As every good production controller knows the cost of a print run is upfront. For illustrated books in particular, a major investment of time and hard cash is needed to get artworks and photography done, edited content completed and layouts finalised, proofed and signed off.
Only once the printing plates have been made and the presses are rolling do we start to get close to having a saleable product.
With modern digital printing techniques short runs become a little more cost effective, but even when considering this, a large and largely fixed set of costs have to be be swallowed before getting your book to this point.
But… this also means that once your book is on press, actually the incremental price of producing one more book is tiny in comparison. It comes down to the physical costs of a few sheets of paper, a small amount of ink and similarly small and incremental extra finishing and shipping costs.
Mixed up in gambling and gangs
Publishers are gamblers. They take a punt on creating a product that they hope is going to sell and are willing to put their money where their mouth is.
Back in the1970s the newly formed Dorling Kindersley (now known as DK, part of Penguin Random House) took the really smart move of hedging their bets and asking other, foreign language publishers, to join forces in a cooperative effort to extend their print runs and lower their unit costs.
This forty year old idea of ‘co-edition’ printing was such a good one that it remains in use by many publishers today. Printers use the term ‘ganging up’ to describe combining multiple jobs in a single print run.
The publisher benefits by spreading the cost of production between co-edition partners and the reader benefits from professionally researched, illustrated and designed books in languages and niche subject areas that would not have existed otherwise.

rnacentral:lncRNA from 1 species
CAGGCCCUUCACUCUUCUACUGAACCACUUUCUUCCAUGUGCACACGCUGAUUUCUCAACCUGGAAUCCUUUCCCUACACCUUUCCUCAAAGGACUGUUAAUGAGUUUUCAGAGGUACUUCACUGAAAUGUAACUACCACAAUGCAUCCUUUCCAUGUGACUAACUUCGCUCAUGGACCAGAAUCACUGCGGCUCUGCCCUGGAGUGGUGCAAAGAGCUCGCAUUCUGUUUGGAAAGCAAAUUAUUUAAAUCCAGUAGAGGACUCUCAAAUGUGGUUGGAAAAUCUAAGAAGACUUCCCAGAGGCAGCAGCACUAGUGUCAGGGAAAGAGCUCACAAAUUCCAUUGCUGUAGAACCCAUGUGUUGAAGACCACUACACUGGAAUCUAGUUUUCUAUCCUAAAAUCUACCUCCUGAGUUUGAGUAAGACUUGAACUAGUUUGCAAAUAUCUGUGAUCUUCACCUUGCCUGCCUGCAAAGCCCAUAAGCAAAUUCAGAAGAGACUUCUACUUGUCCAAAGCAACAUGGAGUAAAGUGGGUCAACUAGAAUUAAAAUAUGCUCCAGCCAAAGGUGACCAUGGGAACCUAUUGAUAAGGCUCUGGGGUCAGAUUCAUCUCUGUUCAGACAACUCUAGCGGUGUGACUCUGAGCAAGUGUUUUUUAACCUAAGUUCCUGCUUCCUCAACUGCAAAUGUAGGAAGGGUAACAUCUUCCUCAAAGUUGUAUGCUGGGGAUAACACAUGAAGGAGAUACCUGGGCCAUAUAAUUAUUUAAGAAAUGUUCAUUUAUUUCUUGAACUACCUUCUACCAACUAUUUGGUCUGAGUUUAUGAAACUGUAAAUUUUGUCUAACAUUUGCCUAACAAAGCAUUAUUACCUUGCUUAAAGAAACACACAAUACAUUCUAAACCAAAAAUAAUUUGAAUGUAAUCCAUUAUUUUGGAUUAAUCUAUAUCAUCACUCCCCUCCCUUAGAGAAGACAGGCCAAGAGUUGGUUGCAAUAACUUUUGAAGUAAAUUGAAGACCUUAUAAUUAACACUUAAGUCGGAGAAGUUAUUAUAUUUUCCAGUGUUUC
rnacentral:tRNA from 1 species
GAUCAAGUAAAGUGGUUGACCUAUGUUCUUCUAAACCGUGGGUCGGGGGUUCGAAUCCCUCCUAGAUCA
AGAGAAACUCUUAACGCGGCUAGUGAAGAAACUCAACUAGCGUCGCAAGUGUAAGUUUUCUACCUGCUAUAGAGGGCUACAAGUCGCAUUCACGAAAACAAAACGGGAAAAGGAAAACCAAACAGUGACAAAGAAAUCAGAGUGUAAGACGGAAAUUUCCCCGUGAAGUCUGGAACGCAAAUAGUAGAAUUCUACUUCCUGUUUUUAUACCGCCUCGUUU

Now for the science bit
In order to reduce production costs, the co-edition publisher typically provides their translations in a single colour. All their text, and also any images that are specific to their language, must be in one colour – Black.
Back in the seventies, when printing plates were made from photographic film instead of digital files, an extra film called a ‘separation’ was supplied to make this ‘Text Black’ plate.
The most basic way to create editions in multiple languages was to print a set of colour pages that can then be printed again with the translations. This method, called ‘overprinting’, requires two print runs – one for the full colour CMYK images and another using just a single colour press which is cheaper to setup and run.
A more efficient process was to use a larger five colour press which could be used to print the CMYK and the Text Black plate at the same time, with the press only stopping to swap the Text Black plates for each language. The Text Black is still being overprinted.
When Apple and Adobe brought us the desktop publishing revolution back in the 1980s the concept of an ‘overprint’ setting arrived in our page layout software. This meant a ‘Text Black’ colour could be used within the software to identify the translated text which could then be used to make the separate printing plates.
Text Black is as cutting edge as the Fax machine
Fast forward another thirty years and we now use PDFs instead of film and we can now use layers, not Text Black, in our page layout software to isolate translations. The translation layer still typically only uses black which is set to overprint but with some careful setting up, images and translated text can be combined more easily and visual effects are possible that were not possible in the old days of Text Black such as mixing text with images whilst still keeping a single plate change for translations.
These days printers actually combine the black translation file with the common images and print a cheaper four colour (CMYK) only job, whilst still only needing to change the black plate for different language editions.
I helped DK remove Text Black from their workflow over ten years ago but still find myself advising well known publishers to this day that there really is no technical reason to still be using Text Black in 2016 and in fact it is outdated, unnecessary, confusing and restrictive.
Ken Jones is a publishing software expert with over ten years experience as Technical Production Manager, software trainer and developer at DK and Penguin Group UK. Ken’s company ‘Circular Software’ provides software tools and services for a range of illustrated book publishing customers including Hachette, Macmillan, Penguin Random House, Thames & Hudson and Nosy Crow. Contact Ken via twitter @circularken or www.circularsoftware.com